Milestones, 1996-97

November 1996

December 1996

The University officially names the new Spanish language-and-culture residential house "Casa Bolivar" in honor of Fernando Bolivar who came to the University to study in 1827.

The Darden School is ranked 5th nationally by Business Week magazine, with high marks given from students and corporate recruiters.

The University is selected as a "Best Practice Institution" for institutional budgeting by the American Productivity and Quality Center, a nonprofit organization managed in conjunction with the Pew Charitable Trusts.

The University begins a five-year partnership with Ecole des Hautes Etudes on Sciences Sociales, initiating a formal scholarly exchange with the French school.

A sapling from the 170-year-old McGuffey Ash tree, which was cut down in 1990, is transplanted to the Pavilion IX garden.

The Board of Visitors approves names for the following buildings: the Darden School's central building becomes Saunders Hall; the new law school complex is named the David A. Harrison III Law Grounds; and three law buildings are named in honor of James C. Slaughter, Buckner Clay, Sr., and the law firm Hunton and Williams.

The University receives 2,325 applications from students asking to be considered for early admission -- a 6 percent increase over the previous year.

With the aid of an investment by IBM valued at $1 million, the School of Engineering and Applied Science launches the Institute for Micro-electronics, designed to build partnerships between industry and higher education.

Paula D. McClain, professor of government and foreign affairs, received a human rights award for her book on racial and ethnic minorities in American politics.

The Board of Visitors' finance Committee unveils its plan to fund supplementary faculty salary raises by increasing distribution from unrestricted endowments, raising more private money, and asking individual schools to draw on discretionary funds.

The Board of Visitors: from top stair, C. Wilson McNeely, III; student member Charles F. Irons; Terence P. Ross; Henry L. Valentine, II; Champ Clark; and John P. Ackerly, III. Standing Below the stairs, left to right, Walter F. Walker; Franklin K. Birckhead; William G. Crutchfield, Jr.; Albert H. Small; T. Keister Greer; Elsie Goodwyn Holland; Rector Hovey S. Dabney; Charles M. Caravati, Jr., M.D.; Elizabeth A. Twohy; James C. Wheat, III; President John T. Casteen, III; and William H. Goodwin, Jr.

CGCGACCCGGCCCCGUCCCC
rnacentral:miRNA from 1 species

January 1997

February 1997

The Worrell Foundation of Boca Raton pledges $4 million to support international and minority students entering the Darden School's MBA program.

Alderman Library opens "The Most of Special Collections," an eclectic exhibit from its special collections, with items ranging from a recipe by Eudora Welty to one of Winston Churchill's cigars.

History Professor Joseph C. Miller is named president-elect of the American Historical Association, the main professional organization of the country's historians.

 

Filmmaker Ken Burns previews his newest documentary, Thomas Jefferson, at the Newcomb Hall Theatre.

Nine junior diplomats arrive at the University to begin a Kuwaiti Diplomacy Institute, a joint program developed by the Division of Continuing Education and the Arabian Peninsula and Gulf Studies Program.

Senior government officials from Brazil, Ethiopia, Ghana, Kenya, Namibia, and South Africa participate in a World Health Organization/University of Virginia collaborative meeting to establish a health care networking system.